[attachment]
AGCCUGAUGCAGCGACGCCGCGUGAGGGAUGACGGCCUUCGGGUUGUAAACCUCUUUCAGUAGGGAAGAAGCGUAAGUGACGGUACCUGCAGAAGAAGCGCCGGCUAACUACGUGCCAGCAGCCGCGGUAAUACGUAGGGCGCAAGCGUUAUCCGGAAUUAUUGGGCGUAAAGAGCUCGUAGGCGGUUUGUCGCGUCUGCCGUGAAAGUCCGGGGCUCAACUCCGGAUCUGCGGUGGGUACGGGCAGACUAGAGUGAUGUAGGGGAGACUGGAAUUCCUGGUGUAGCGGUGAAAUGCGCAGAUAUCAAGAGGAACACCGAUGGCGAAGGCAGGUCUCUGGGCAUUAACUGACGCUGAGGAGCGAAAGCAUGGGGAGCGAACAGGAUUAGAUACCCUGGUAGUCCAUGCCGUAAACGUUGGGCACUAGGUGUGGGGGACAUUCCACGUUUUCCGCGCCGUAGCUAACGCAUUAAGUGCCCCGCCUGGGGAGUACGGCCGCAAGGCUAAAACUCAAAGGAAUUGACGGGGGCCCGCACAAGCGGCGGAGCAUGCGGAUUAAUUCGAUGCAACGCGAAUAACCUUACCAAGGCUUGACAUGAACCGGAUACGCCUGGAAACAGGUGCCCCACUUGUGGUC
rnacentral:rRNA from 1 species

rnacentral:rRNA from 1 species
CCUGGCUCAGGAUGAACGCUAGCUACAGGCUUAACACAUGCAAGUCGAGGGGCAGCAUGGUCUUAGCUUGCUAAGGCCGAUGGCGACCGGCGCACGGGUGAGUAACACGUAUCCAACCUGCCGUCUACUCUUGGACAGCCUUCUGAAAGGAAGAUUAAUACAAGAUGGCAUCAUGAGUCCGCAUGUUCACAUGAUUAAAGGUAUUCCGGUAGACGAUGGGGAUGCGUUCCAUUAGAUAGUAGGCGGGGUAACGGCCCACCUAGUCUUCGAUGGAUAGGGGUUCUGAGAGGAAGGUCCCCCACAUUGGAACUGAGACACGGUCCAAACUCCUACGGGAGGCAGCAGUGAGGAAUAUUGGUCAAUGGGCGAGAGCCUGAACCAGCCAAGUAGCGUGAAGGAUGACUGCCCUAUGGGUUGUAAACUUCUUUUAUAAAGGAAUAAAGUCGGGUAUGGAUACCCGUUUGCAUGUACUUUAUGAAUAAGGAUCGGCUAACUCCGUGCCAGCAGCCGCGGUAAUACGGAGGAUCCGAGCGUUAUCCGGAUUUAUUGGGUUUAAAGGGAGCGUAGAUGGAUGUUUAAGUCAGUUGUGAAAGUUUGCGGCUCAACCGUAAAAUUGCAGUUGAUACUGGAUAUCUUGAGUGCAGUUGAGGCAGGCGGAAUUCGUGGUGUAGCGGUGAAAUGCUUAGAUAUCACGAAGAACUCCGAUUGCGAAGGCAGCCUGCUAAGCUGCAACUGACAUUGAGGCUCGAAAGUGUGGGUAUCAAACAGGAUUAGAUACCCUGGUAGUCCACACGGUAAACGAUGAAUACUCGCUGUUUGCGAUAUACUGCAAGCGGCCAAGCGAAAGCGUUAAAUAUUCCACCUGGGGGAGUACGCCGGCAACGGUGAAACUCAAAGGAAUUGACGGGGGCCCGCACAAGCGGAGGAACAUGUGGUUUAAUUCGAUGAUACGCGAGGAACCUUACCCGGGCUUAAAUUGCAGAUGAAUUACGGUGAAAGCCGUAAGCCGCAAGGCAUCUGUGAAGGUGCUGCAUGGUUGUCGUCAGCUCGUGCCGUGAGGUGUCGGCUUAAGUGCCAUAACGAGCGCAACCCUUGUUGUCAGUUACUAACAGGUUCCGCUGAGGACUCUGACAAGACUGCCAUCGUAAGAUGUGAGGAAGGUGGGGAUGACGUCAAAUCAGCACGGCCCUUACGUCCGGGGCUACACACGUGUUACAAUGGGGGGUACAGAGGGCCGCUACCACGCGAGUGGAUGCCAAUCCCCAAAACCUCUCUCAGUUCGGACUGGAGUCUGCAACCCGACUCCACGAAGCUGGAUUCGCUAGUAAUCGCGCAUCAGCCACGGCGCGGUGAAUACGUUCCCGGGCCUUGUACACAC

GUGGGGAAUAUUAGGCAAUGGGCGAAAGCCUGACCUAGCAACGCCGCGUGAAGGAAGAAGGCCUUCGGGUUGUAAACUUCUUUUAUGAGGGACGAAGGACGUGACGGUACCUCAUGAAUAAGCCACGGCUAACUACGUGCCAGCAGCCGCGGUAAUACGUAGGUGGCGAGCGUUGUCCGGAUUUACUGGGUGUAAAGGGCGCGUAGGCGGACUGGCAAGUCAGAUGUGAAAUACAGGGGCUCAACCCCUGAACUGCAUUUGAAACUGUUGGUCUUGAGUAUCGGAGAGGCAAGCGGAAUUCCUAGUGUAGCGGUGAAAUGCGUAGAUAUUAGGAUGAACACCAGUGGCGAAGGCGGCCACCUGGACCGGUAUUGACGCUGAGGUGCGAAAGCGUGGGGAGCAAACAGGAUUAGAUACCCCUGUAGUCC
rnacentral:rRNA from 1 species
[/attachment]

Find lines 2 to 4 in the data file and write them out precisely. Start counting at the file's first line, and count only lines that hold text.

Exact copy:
rnacentral:rRNA from 1 species

rnacentral:rRNA from 1 species
CCUGGCUCAGGAUGAACGCUAGCUACAGGCUUAACACAUGCAAGUCGAGGGGCAGCAUGGUCUUAGCUUGCUAAGGCCGAUGGCGACCGGCGCACGGGUGAGUAACACGUAUCCAACCUGCCGUCUACUCUUGGACAGCCUUCUGAAAGGAAGAUUAAUACAAGAUGGCAUCAUGAGUCCGCAUGUUCACAUGAUUAAAGGUAUUCCGGUAGACGAUGGGGAUGCGUUCCAUUAGAUAGUAGGCGGGGUAACGGCCCACCUAGUCUUCGAUGGAUAGGGGUUCUGAGAGGAAGGUCCCCCACAUUGGAACUGAGACACGGUCCAAACUCCUACGGGAGGCAGCAGUGAGGAAUAUUGGUCAAUGGGCGAGAGCCUGAACCAGCCAAGUAGCGUGAAGGAUGACUGCCCUAUGGGUUGUAAACUUCUUUUAUAAAGGAAUAAAGUCGGGUAUGGAUACCCGUUUGCAUGUACUUUAUGAAUAAGGAUCGGCUAACUCCGUGCCAGCAGCCGCGGUAAUACGGAGGAUCCGAGCGUUAUCCGGAUUUAUUGGGUUUAAAGGGAGCGUAGAUGGAUGUUUAAGUCAGUUGUGAAAGUUUGCGGCUCAACCGUAAAAUUGCAGUUGAUACUGGAUAUCUUGAGUGCAGUUGAGGCAGGCGGAAUUCGUGGUGUAGCGGUGAAAUGCUUAGAUAUCACGAAGAACUCCGAUUGCGAAGGCAGCCUGCUAAGCUGCAACUGACAUUGAGGCUCGAAAGUGUGGGUAUCAAACAGGAUUAGAUACCCUGGUAGUCCACACGGUAAACGAUGAAUACUCGCUGUUUGCGAUAUACUGCAAGCGGCCAAGCGAAAGCGUUAAAUAUUCCACCUGGGGGAGUACGCCGGCAACGGUGAAACUCAAAGGAAUUGACGGGGGCCCGCACAAGCGGAGGAACAUGUGGUUUAAUUCGAUGAUACGCGAGGAACCUUACCCGGGCUUAAAUUGCAGAUGAAUUACGGUGAAAGCCGUAAGCCGCAAGGCAUCUGUGAAGGUGCUGCAUGGUUGUCGUCAGCUCGUGCCGUGAGGUGUCGGCUUAAGUGCCAUAACGAGCGCAACCCUUGUUGUCAGUUACUAACAGGUUCCGCUGAGGACUCUGACAAGACUGCCAUCGUAAGAUGUGAGGAAGGUGGGGAUGACGUCAAAUCAGCACGGCCCUUACGUCCGGGGCUACACACGUGUUACAAUGGGGGGUACAGAGGGCCGCUACCACGCGAGUGGAUGCCAAUCCCCAAAACCUCUCUCAGUUCGGACUGGAGUCUGCAACCCGACUCCACGAAGCUGGAUUCGCUAGUAAUCGCGCAUCAGCCACGGCGCGGUGAAUACGUUCCCGGGCCUUGUACACAC